On a three month journey, Alison Payne continued to travel solo through Peru until she finally met up with her boyfriend.
The bus trip from Quito to Huaquillas, Ecuador’s main border town with Peru, was my first overnight trip. A guy sitting near me said the border crossing is dangerous for there is a no-man’s land where even locals get taken by crooked taxi drivers. He (Alberto) became my new friend and navigated us through passport control in both countries and found a taxi that charged an inflated but acceptable price. It was an uneasy trip, not only at the border but also when we got into Peru for police stopped and boarded the bus on several occasions.
I decided I deserved a break and followed Alberto’s suggestion to spend a few days in Máncora, Peru’s most idyllic beach. The days were sunny, the fish always fresh and perfectly cooked, and nothing to occupy my mind other than a book and getting a tan.
Trujillo and Cordillera Blanca
The next stop on my way down the north Peruvian coast was Trujillo to see the ruins of five archaeological sites. From there I boarded another night bus for Huaraz, known as ‘the capital of Andean adventure’. Huaraz is the setting-off point to the Cordillera Blanca and South America’s premier trekking area. I did the popular, four-day Santa Cruz trek. The highlight was crossing the Punta Unión Pass, with an elevation of 4,760 meters. The view is spectacular.
My boyfriend, Chris, met me in Lima and we hopped a flight to Cusco with enough time there for him to acclimatize to the high altitude before our trek to Machu Picchu. Cusco totally surprised me with its gorgeous Incan stonework, colonial balconies, narrow cobblestone streets and fantastic ‘novo andino’ restaurants. If you can accept the fact that people will be after you all the time to visit their restaurant, go on their tour, or have a massage, then you could easily stay in Cusco for a week. I indulged in some traditional Peruvian dishes: alpaca steaks (really delicious) and fried guinea pig (really gross).
We were signed up for the Salkantay Trek to Machu Picchu with four other couples. It was a five day trek that takes you through a spectacular pass in the mountains near the ruins. It also doesn’t require the three month lead time that you seem to need for the Inca Trail permit. We walked and tented for three days, spent a day at some thermal baths in the small town of Santa Teresa, and stayed the final night at a hotel in Aguas Calientes before the visit to Machu Picchu itself. A major earthquake caused an avalanche down the side of the mountain near where we were sleeping. Our Quechua guides said it was a sign that the mountain gods were welcoming us to the pass.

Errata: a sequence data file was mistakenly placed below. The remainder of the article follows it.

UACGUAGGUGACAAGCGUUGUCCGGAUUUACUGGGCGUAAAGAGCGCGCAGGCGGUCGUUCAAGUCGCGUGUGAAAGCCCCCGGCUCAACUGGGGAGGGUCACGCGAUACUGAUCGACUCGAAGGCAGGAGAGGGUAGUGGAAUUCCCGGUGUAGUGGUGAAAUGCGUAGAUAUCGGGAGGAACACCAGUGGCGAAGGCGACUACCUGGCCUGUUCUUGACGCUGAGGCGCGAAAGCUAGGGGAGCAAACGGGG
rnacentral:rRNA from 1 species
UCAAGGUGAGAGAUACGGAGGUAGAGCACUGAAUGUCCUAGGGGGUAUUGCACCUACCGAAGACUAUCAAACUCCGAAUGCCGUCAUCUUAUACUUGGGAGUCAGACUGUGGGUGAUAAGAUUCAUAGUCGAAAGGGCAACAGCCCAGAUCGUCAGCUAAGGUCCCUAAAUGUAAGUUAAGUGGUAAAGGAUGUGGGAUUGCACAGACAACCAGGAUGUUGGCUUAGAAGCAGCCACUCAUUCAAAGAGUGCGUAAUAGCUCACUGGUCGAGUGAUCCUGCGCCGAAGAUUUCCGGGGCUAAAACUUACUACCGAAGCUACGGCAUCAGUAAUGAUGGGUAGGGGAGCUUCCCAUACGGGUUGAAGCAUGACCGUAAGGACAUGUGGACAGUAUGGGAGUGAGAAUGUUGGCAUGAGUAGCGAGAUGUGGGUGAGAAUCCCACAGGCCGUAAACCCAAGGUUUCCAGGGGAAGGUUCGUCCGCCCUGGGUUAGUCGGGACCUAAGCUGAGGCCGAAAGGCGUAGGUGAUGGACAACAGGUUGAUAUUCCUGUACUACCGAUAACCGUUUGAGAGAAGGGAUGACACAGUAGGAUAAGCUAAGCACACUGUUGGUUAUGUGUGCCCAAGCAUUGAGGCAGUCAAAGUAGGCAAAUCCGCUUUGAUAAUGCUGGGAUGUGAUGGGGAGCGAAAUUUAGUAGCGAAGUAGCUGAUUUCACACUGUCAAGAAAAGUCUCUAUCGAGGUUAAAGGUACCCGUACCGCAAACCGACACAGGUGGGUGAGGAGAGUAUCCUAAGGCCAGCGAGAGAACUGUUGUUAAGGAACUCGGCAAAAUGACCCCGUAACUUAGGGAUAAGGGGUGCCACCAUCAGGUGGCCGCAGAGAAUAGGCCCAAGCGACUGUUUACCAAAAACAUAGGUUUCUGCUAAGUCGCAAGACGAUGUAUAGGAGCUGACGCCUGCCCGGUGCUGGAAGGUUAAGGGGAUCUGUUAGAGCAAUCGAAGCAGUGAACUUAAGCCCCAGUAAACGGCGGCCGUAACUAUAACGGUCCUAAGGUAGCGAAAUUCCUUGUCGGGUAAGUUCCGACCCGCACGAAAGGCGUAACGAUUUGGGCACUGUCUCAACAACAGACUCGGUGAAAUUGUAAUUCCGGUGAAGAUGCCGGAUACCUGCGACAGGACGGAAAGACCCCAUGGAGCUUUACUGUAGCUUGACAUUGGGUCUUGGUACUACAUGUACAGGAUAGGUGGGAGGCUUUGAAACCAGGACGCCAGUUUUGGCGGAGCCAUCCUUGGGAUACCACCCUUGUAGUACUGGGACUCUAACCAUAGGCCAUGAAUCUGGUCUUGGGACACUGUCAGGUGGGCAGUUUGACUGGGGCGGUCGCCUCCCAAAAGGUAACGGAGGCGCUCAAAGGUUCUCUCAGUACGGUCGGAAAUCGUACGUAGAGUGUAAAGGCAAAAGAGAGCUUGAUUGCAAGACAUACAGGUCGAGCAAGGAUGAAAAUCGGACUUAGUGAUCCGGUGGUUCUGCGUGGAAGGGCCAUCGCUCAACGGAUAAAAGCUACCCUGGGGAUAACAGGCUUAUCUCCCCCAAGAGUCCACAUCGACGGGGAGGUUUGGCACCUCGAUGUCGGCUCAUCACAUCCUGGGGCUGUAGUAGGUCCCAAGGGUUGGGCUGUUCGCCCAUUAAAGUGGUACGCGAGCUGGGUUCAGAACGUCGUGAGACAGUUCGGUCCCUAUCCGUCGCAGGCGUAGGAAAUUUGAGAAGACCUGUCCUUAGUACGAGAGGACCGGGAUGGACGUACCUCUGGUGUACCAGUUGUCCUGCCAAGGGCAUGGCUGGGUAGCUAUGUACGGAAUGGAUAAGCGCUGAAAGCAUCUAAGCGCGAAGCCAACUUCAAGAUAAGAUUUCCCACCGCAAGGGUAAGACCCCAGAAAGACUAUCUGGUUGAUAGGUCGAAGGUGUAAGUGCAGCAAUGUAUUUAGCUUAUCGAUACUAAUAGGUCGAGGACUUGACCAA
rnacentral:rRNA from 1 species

Arriving in Machu Picchu shortly after 6am was ideal for the ‘lost city’ was just as mysterious at that time of day as you would expect it to be. It was something to see the mist lift away from the mountain and reveal the ruins. But the magic wears away a little after noon when the train and buses from Cusco arrive and the population at the site increases. This city that clings impossibly to the side of huge, lush mountain peaks is truly one of the treasures of the world and being there was a highlight of my trip.
Call us huge nerds, but Chris and I had read about the mystery of the Nazca Lines when we were young and wanted to see them for ourselves. We boarded a night bus and crossed our fingers that the road to the coast would be open because of the earthquake. Many hours later we stepped out into the early-morning light of one of the driest, most desolate deserts in the world. A couple of hours later we were in a small four-seater plane weaving between about a dozen surreal figures that had been carved into the desert floor centuries ago. Later we saw ancient graves where the remains are preserved because the air and ground are so dry. We also managed to go sand boarding down enormous dunes.
Our next stop was Arequipa, Peru’s second-largest city and described as the most beautiful. Indeed, it is gorgeous, being built almost entirely out of a white volcanic rock and chock full of great restaurants and shops. I had what was definitely one of my best meals of the trip—ostrich steaks accompanied by fabulous Chilean wine—and for a very affordable price. We visited the nearby Colca Canyon, the deepest in the world, to see the great Andean Condors, a gigantic vulture with a wing-span of about three meters that is featured in much of Andean mythology. We only had a day to do it so had to board the bus at 1:00am, travel six hours to Cruz del Condor (a popular viewpoint over the canyon where they’re often spotted), then return the same day to Arequipa before heading towards Bolivia. It was a long and bumpy ride but we were the first ones on the scene and did see a bunch of them gliding around. We decided the pain was worth it even though it was just for some birds that will eat anything that’s rotting.
If you think your home requires a lot of upkeep, consider yourself lucky that you don’t live on a sinking island made out of reeds. We visited the town of Puno, on the shores of the huge Lake Titicaca for really nothing other than to see the floating islands of the Uros people. We boarded a boat with a hoard of other tourists and a too-jokey guide to see how these few hundred people still live on islands they build themselves out of the totora reeds that grow in the shallow waters of the lake. They’ve been living there for centuries, just piling more layers of reeds on top of their small islands as the ones below rot away, and apparently settling disputes between themselves by simply taking a chainsaw and cutting the islands in half straight down the middle.
Onward to Bolivia and the Amazon.
Photo credits: Alison Payne
Edited from an interview with Alison Payne and from her blog.
© Riding the buses 2011